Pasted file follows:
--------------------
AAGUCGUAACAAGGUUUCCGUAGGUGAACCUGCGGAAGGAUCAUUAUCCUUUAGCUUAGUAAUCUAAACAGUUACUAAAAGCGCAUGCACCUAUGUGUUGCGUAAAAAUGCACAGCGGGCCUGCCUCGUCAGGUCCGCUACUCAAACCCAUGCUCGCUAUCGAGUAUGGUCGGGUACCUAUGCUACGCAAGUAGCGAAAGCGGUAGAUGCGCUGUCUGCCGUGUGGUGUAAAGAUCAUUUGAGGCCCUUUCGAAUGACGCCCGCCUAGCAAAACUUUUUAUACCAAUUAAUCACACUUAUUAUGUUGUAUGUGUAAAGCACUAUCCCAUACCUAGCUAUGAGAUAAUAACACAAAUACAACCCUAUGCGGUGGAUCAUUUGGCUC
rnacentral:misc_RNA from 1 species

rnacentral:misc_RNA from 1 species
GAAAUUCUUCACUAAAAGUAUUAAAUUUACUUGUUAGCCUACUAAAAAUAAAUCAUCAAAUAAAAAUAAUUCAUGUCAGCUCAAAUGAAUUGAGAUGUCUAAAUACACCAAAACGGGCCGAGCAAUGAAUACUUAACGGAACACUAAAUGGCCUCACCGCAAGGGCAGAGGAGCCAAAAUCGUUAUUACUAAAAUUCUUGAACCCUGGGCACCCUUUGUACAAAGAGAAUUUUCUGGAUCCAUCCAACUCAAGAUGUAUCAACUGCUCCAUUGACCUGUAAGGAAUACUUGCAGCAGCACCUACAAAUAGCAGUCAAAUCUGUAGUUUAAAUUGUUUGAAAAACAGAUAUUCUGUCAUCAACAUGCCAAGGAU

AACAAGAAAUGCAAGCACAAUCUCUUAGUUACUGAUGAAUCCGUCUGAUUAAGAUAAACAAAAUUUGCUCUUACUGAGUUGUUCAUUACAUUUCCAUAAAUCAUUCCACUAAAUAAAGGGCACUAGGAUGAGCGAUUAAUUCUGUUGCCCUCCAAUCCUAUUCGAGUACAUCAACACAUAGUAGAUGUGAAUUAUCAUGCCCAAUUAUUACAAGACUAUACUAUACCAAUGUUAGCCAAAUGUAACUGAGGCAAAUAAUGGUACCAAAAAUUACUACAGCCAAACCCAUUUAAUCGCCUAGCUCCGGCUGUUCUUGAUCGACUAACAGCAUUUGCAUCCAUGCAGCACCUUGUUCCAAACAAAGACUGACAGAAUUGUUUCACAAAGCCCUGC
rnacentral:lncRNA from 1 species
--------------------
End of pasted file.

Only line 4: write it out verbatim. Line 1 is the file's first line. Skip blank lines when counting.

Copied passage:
GAAAUUCUUCACUAAAAGUAUUAAAUUUACUUGUUAGCCUACUAAAAAUAAAUCAUCAAAUAAAAAUAAUUCAUGUCAGCUCAAAUGAAUUGAGAUGUCUAAAUACACCAAAACGGGCCGAGCAAUGAAUACUUAACGGAACACUAAAUGGCCUCACCGCAAGGGCAGAGGAGCCAAAAUCGUUAUUACUAAAAUUCUUGAACCCUGGGCACCCUUUGUACAAAGAGAAUUUUCUGGAUCCAUCCAACUCAAGAUGUAUCAACUGCUCCAUUGACCUGUAAGGAAUACUUGCAGCAGCACCUACAAAUAGCAGUCAAAUCUGUAGUUUAAAUUGUUUGAAAAACAGAUAUUCUGUCAUCAACAUGCCAAGGAU